Tachometer for making VW engine last forever

Hi everyone. I’m new, and this is my first post. I thought you guys knew everything. ( I know I don’t, I’m sure I should post this somewhere else, but…) This is regarding the VW owner’s mechanic who told her the addition of a tachometer who make the engine last forever. Everybody who has owned a bug knows that the little red hash marks on the speedometer are shifting marks.

sorry. should read…addition of a tachometer will make the engine last forever.

That’s true. I have owned several air cooled VWs and what people seem to have forgotten about them is that when they were first built few cars made it past 50,000mi and cars weren’t driven as fast or as far on a routine basis. Furthermore, those Beetle engines were meant to last about 80,000mi then be replaced or rebuilt. I agree with Tom and Ray’s answer that the tach is not necessary and probably won’t help. The only thing I would add to what they said is the car should not be driven on any road that is newer than it is.

Furthermore, those Beetle engines were meant to last about 80,000mi then be replaced or rebuilt.

So how do you explain my 1970 Bug that was at 190,000+ (original miles no engine repairs) (all original) when it finally died due to an accident.

I remember the advertisements for VW Beetles in the late 1950’s and 1960’s that stated that top speed and cruising speed were the same. I had a friend who frequently drove has VW Beetle from Indiana to Kansas and said that he just put the accelerator on the floor and held it there. I didn’t know that one could over rev a VW Beetle’s engine. A tachometer, it would seem to me, would be about as useless as a screen door on a submarine.

One of the advantages that the VW Beetle had over some of the other imports of the 1960’s (Morris Minor, Renault Dauphine, Hillman Minx, Simca, Ford Anglica & Prefect) was that the VW engine turned more slowly at highway speeds. It seems to me the Consumer Reports pointed this out in an article where these cars were compared.

What year bug are we talking here? The fluid cooled “New Beetle” or the air cooled “old Beetle”…like the '61 that I had? On second thought, I don’te remember that mine had red hash marks. I seem to recall just a very basic 360 degree bone-clored round speedo, with a needle that wobbled as it slowly climbed…very, very slowly.

Did this mechanic say you had to look at this tacometer occasionaly or just having one installed is enough?

Abberations do exist but I knew I would be doing a least 2 VW rebuilds a month back in the day (for me 1973-1976). My part on the labor for one overhaul paid my rent ($90.00) as soon as I heard that engine fire up and it sounded good I new I had my rent paid.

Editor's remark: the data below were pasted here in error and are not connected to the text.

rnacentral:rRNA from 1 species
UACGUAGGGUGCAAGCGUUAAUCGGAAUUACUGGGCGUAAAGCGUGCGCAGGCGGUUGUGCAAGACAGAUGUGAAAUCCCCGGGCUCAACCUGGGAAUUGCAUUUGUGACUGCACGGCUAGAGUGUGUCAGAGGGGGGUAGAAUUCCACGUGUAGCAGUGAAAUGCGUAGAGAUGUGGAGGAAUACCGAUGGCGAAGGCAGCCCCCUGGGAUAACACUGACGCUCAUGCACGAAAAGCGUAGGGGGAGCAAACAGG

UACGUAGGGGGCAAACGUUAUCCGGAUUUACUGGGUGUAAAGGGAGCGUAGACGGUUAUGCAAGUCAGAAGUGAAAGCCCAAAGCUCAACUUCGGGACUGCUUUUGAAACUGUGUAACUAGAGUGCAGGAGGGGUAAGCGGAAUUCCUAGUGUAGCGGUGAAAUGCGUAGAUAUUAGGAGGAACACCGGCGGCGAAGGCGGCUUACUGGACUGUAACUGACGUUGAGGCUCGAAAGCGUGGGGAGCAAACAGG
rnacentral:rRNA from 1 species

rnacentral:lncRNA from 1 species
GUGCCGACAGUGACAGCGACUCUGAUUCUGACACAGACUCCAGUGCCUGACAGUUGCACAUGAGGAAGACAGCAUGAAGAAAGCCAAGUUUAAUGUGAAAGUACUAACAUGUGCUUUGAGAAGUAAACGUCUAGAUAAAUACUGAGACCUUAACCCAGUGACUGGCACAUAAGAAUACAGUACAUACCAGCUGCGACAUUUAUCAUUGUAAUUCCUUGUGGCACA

There was nothing about the VW engine that inhearently made it a “long life” engine but quite a few design features that put it in the “better know your thumb” catagory. I can remember the floor in the room we drilled and tapped the cases to install "case savers"in. It was just covered in case material no matter how often you swept up.

But Marty McFly sure did have good luck with his. I am glad that the VW was pretty much the first automobile I had a professional association with as the cars were so quirky that it was hard for a seasoned mechanic to “break training” and get into VW’s

When I owned a 1961 VW beetle with a 1600 single barrel, I installed a vacuum gauge to monitor the load on the engine. I longed to have a true MAP gauge but the only ones I knew about were in C182s. I just went by ear as to the RPM. When the manifold vacuum sustained below 5 inchs, I would down shift and go a little slower.

When climbing the Grapevine in southern California, I would shift down to third when I reached 45 mph and I usually could hold 45 and more than 5 inches all the way up – unless I had a severe head wind. Around Gorman, I would have to downshift to third again and draft a truck to maintain headway. Just like any other underpowered vehicle it took craft and patience to make the most of the VW.

actually the only thing you need to do to make a VW engine last forever is never drive it.

Did some mods didn’t you? as a stock vehicle you would of had the 1200cc 40hp in that 1961 (I wanted to say 36hp but I think they were all gone by 61. I my driving experience the “Grapevine” (even before it was part of I-5) is one of the meanes’t grades in the U.S. it even has a song about it. The non-freeway part was known as the Ridge Route and automotive lore says GM developed the 348 and the rest of the family to handle the Ridge Route.

I found through research that a stock 1970 bug will go a maximum 60 mph in 2nd without blowing the engine.

Perhaps he’s just making stuff up.

The best tachometer. Use your ears. They detect both sound and motion and the idea is to keep both smooth.

On the old VW Beetles, an altimeter would be more useful than a tachometer. At highway speeds, particularly with a crosswind, it felt like and sounded like you were flying in the VW. It would be great to know the exact altitude.